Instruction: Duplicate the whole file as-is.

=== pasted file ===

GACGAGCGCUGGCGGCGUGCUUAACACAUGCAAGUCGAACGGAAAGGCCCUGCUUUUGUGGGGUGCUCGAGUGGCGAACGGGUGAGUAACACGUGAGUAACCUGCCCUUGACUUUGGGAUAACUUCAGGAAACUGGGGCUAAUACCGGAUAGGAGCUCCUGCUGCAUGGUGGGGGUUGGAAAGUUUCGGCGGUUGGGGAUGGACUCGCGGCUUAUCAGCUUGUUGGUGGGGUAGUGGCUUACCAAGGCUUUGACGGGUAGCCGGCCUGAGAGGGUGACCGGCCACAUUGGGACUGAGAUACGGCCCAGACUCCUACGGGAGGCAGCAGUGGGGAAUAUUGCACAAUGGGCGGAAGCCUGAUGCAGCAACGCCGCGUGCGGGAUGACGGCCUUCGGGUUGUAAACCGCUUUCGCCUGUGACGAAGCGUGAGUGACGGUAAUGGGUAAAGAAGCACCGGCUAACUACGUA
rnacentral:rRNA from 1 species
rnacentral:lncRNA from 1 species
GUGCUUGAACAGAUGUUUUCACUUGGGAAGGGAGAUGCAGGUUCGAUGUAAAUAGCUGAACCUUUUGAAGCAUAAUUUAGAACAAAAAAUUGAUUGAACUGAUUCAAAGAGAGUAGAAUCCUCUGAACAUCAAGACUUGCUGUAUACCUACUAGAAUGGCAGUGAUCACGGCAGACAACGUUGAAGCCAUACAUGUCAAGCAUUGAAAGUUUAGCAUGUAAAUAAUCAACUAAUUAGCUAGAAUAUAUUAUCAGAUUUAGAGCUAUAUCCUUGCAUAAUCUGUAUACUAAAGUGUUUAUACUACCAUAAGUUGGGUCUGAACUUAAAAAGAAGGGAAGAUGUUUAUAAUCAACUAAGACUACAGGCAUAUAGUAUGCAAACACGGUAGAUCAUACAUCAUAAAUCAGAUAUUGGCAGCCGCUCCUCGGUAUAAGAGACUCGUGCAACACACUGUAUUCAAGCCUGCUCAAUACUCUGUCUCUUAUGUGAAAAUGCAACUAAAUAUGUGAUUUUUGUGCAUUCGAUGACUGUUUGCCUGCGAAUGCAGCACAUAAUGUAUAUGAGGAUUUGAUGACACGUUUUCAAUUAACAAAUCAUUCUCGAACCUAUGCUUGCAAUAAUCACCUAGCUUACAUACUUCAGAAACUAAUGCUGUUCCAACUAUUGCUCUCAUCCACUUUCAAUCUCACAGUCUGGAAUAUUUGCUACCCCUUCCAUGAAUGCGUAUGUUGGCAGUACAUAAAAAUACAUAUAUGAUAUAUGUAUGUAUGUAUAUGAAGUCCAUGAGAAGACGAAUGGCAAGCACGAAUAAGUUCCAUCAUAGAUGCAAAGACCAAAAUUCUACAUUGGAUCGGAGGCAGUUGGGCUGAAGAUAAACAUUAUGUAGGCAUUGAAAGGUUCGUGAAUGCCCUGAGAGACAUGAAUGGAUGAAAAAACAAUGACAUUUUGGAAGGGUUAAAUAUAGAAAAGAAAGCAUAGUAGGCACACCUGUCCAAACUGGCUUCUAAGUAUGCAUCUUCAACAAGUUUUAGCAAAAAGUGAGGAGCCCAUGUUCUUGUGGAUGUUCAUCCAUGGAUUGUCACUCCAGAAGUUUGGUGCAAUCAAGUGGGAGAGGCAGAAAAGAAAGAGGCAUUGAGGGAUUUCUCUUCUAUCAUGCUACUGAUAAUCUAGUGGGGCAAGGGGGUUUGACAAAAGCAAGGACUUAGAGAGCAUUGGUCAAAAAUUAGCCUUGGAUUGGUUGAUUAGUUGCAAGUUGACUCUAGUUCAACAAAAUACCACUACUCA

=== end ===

GACGAGCGCUGGCGGCGUGCUUAACACAUGCAAGUCGAACGGAAAGGCCCUGCUUUUGUGGGGUGCUCGAGUGGCGAACGGGUGAGUAACACGUGAGUAACCUGCCCUUGACUUUGGGAUAACUUCAGGAAACUGGGGCUAAUACCGGAUAGGAGCUCCUGCUGCAUGGUGGGGGUUGGAAAGUUUCGGCGGUUGGGGAUGGACUCGCGGCUUAUCAGCUUGUUGGUGGGGUAGUGGCUUACCAAGGCUUUGACGGGUAGCCGGCCUGAGAGGGUGACCGGCCACAUUGGGACUGAGAUACGGCCCAGACUCCUACGGGAGGCAGCAGUGGGGAAUAUUGCACAAUGGGCGGAAGCCUGAUGCAGCAACGCCGCGUGCGGGAUGACGGCCUUCGGGUUGUAAACCGCUUUCGCCUGUGACGAAGCGUGAGUGACGGUAAUGGGUAAAGAAGCACCGGCUAACUACGUA
rnacentral:rRNA from 1 species
rnacentral:lncRNA from 1 species
GUGCUUGAACAGAUGUUUUCACUUGGGAAGGGAGAUGCAGGUUCGAUGUAAAUAGCUGAACCUUUUGAAGCAUAAUUUAGAACAAAAAAUUGAUUGAACUGAUUCAAAGAGAGUAGAAUCCUCUGAACAUCAAGACUUGCUGUAUACCUACUAGAAUGGCAGUGAUCACGGCAGACAACGUUGAAGCCAUACAUGUCAAGCAUUGAAAGUUUAGCAUGUAAAUAAUCAACUAAUUAGCUAGAAUAUAUUAUCAGAUUUAGAGCUAUAUCCUUGCAUAAUCUGUAUACUAAAGUGUUUAUACUACCAUAAGUUGGGUCUGAACUUAAAAAGAAGGGAAGAUGUUUAUAAUCAACUAAGACUACAGGCAUAUAGUAUGCAAACACGGUAGAUCAUACAUCAUAAAUCAGAUAUUGGCAGCCGCUCCUCGGUAUAAGAGACUCGUGCAACACACUGUAUUCAAGCCUGCUCAAUACUCUGUCUCUUAUGUGAAAAUGCAACUAAAUAUGUGAUUUUUGUGCAUUCGAUGACUGUUUGCCUGCGAAUGCAGCACAUAAUGUAUAUGAGGAUUUGAUGACACGUUUUCAAUUAACAAAUCAUUCUCGAACCUAUGCUUGCAAUAAUCACCUAGCUUACAUACUUCAGAAACUAAUGCUGUUCCAACUAUUGCUCUCAUCCACUUUCAAUCUCACAGUCUGGAAUAUUUGCUACCCCUUCCAUGAAUGCGUAUGUUGGCAGUACAUAAAAAUACAUAUAUGAUAUAUGUAUGUAUGUAUAUGAAGUCCAUGAGAAGACGAAUGGCAAGCACGAAUAAGUUCCAUCAUAGAUGCAAAGACCAAAAUUCUACAUUGGAUCGGAGGCAGUUGGGCUGAAGAUAAACAUUAUGUAGGCAUUGAAAGGUUCGUGAAUGCCCUGAGAGACAUGAAUGGAUGAAAAAACAAUGACAUUUUGGAAGGGUUAAAUAUAGAAAAGAAAGCAUAGUAGGCACACCUGUCCAAACUGGCUUCUAAGUAUGCAUCUUCAACAAGUUUUAGCAAAAAGUGAGGAGCCCAUGUUCUUGUGGAUGUUCAUCCAUGGAUUGUCACUCCAGAAGUUUGGUGCAAUCAAGUGGGAGAGGCAGAAAAGAAAGAGGCAUUGAGGGAUUUCUCUUCUAUCAUGCUACUGAUAAUCUAGUGGGGCAAGGGGGUUUGACAAAAGCAAGGACUUAGAGAGCAUUGGUCAAAAAUUAGCCUUGGAUUGGUUGAUUAGUUGCAAGUUGACUCUAGUUCAACAAAAUACCACUACUCA